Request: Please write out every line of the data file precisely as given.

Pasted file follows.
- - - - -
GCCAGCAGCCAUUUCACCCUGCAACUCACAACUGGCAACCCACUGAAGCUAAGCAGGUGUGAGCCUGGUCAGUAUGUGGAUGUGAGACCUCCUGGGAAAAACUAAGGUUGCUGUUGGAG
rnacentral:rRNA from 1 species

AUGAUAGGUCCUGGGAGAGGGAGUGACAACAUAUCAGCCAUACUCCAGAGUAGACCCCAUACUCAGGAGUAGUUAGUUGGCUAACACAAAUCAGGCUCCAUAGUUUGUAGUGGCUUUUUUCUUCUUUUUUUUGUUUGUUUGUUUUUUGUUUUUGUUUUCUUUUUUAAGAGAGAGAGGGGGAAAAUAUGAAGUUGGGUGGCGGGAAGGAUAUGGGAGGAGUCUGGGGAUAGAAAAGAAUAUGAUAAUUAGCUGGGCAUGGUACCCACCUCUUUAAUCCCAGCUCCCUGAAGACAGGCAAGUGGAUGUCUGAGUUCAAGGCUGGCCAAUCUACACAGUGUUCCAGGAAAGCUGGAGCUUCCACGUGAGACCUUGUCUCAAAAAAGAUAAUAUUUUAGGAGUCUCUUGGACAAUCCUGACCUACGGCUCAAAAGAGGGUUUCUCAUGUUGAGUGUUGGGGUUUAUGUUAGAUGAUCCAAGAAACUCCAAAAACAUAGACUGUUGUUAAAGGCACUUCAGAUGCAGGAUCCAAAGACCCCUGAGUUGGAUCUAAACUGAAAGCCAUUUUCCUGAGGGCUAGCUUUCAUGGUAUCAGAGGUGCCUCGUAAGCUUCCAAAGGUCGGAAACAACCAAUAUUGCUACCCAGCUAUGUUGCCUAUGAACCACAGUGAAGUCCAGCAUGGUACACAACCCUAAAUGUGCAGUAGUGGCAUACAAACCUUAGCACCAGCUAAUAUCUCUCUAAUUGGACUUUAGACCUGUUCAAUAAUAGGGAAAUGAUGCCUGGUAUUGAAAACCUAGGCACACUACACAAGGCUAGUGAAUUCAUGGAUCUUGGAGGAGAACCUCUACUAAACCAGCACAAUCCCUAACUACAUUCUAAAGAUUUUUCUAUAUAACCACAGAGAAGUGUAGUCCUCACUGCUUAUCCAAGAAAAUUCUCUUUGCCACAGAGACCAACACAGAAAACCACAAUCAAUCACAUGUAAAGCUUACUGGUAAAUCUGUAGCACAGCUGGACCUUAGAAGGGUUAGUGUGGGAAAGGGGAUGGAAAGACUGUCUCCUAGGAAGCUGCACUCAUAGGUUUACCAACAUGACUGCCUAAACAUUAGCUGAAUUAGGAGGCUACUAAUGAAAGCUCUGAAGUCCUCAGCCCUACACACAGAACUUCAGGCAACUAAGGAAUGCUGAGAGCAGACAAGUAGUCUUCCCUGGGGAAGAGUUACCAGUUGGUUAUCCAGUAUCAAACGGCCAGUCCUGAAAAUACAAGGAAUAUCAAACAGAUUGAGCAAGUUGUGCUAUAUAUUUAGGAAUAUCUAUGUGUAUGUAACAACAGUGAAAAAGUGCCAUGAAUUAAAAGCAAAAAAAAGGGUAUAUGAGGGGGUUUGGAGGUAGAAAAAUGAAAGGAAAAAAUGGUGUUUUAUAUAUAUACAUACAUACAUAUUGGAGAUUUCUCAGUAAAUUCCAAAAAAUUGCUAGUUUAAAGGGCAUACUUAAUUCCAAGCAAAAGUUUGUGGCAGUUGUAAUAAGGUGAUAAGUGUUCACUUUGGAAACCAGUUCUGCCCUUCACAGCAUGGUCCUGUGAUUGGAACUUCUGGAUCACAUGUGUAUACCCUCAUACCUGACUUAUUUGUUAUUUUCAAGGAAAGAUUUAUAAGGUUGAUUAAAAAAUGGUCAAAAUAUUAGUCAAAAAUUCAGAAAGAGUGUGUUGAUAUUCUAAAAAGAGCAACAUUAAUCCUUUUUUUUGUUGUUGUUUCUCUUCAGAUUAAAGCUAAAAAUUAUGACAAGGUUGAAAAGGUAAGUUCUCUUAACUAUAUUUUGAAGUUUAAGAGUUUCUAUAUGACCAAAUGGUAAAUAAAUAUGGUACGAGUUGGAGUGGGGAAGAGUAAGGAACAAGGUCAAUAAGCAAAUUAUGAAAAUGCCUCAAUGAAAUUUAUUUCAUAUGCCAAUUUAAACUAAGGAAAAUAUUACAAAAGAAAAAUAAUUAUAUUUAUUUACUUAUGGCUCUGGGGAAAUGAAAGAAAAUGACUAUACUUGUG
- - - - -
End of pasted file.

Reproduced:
GCCAGCAGCCAUUUCACCCUGCAACUCACAACUGGCAACCCACUGAAGCUAAGCAGGUGUGAGCCUGGUCAGUAUGUGGAUGUGAGACCUCCUGGGAAAAACUAAGGUUGCUGUUGGAG
rnacentral:rRNA from 1 species

AUGAUAGGUCCUGGGAGAGGGAGUGACAACAUAUCAGCCAUACUCCAGAGUAGACCCCAUACUCAGGAGUAGUUAGUUGGCUAACACAAAUCAGGCUCCAUAGUUUGUAGUGGCUUUUUUCUUCUUUUUUUUGUUUGUUUGUUUUUUGUUUUUGUUUUCUUUUUUAAGAGAGAGAGGGGGAAAAUAUGAAGUUGGGUGGCGGGAAGGAUAUGGGAGGAGUCUGGGGAUAGAAAAGAAUAUGAUAAUUAGCUGGGCAUGGUACCCACCUCUUUAAUCCCAGCUCCCUGAAGACAGGCAAGUGGAUGUCUGAGUUCAAGGCUGGCCAAUCUACACAGUGUUCCAGGAAAGCUGGAGCUUCCACGUGAGACCUUGUCUCAAAAAAGAUAAUAUUUUAGGAGUCUCUUGGACAAUCCUGACCUACGGCUCAAAAGAGGGUUUCUCAUGUUGAGUGUUGGGGUUUAUGUUAGAUGAUCCAAGAAACUCCAAAAACAUAGACUGUUGUUAAAGGCACUUCAGAUGCAGGAUCCAAAGACCCCUGAGUUGGAUCUAAACUGAAAGCCAUUUUCCUGAGGGCUAGCUUUCAUGGUAUCAGAGGUGCCUCGUAAGCUUCCAAAGGUCGGAAACAACCAAUAUUGCUACCCAGCUAUGUUGCCUAUGAACCACAGUGAAGUCCAGCAUGGUACACAACCCUAAAUGUGCAGUAGUGGCAUACAAACCUUAGCACCAGCUAAUAUCUCUCUAAUUGGACUUUAGACCUGUUCAAUAAUAGGGAAAUGAUGCCUGGUAUUGAAAACCUAGGCACACUACACAAGGCUAGUGAAUUCAUGGAUCUUGGAGGAGAACCUCUACUAAACCAGCACAAUCCCUAACUACAUUCUAAAGAUUUUUCUAUAUAACCACAGAGAAGUGUAGUCCUCACUGCUUAUCCAAGAAAAUUCUCUUUGCCACAGAGACCAACACAGAAAACCACAAUCAAUCACAUGUAAAGCUUACUGGUAAAUCUGUAGCACAGCUGGACCUUAGAAGGGUUAGUGUGGGAAAGGGGAUGGAAAGACUGUCUCCUAGGAAGCUGCACUCAUAGGUUUACCAACAUGACUGCCUAAACAUUAGCUGAAUUAGGAGGCUACUAAUGAAAGCUCUGAAGUCCUCAGCCCUACACACAGAACUUCAGGCAACUAAGGAAUGCUGAGAGCAGACAAGUAGUCUUCCCUGGGGAAGAGUUACCAGUUGGUUAUCCAGUAUCAAACGGCCAGUCCUGAAAAUACAAGGAAUAUCAAACAGAUUGAGCAAGUUGUGCUAUAUAUUUAGGAAUAUCUAUGUGUAUGUAACAACAGUGAAAAAGUGCCAUGAAUUAAAAGCAAAAAAAAGGGUAUAUGAGGGGGUUUGGAGGUAGAAAAAUGAAAGGAAAAAAUGGUGUUUUAUAUAUAUACAUACAUACAUAUUGGAGAUUUCUCAGUAAAUUCCAAAAAAUUGCUAGUUUAAAGGGCAUACUUAAUUCCAAGCAAAAGUUUGUGGCAGUUGUAAUAAGGUGAUAAGUGUUCACUUUGGAAACCAGUUCUGCCCUUCACAGCAUGGUCCUGUGAUUGGAACUUCUGGAUCACAUGUGUAUACCCUCAUACCUGACUUAUUUGUUAUUUUCAAGGAAAGAUUUAUAAGGUUGAUUAAAAAAUGGUCAAAAUAUUAGUCAAAAAUUCAGAAAGAGUGUGUUGAUAUUCUAAAAAGAGCAACAUUAAUCCUUUUUUUUGUUGUUGUUUCUCUUCAGAUUAAAGCUAAAAAUUAUGACAAGGUUGAAAAGGUAAGUUCUCUUAACUAUAUUUUGAAGUUUAAGAGUUUCUAUAUGACCAAAUGGUAAAUAAAUAUGGUACGAGUUGGAGUGGGGAAGAGUAAGGAACAAGGUCAAUAAGCAAAUUAUGAAAAUGCCUCAAUGAAAUUUAUUUCAUAUGCCAAUUUAAACUAAGGAAAAUAUUACAAAAGAAAAAUAAUUAUAUUUAUUUACUUAUGGCUCUGGGGAAAUGAAAGAAAAUGACUAUACUUGUG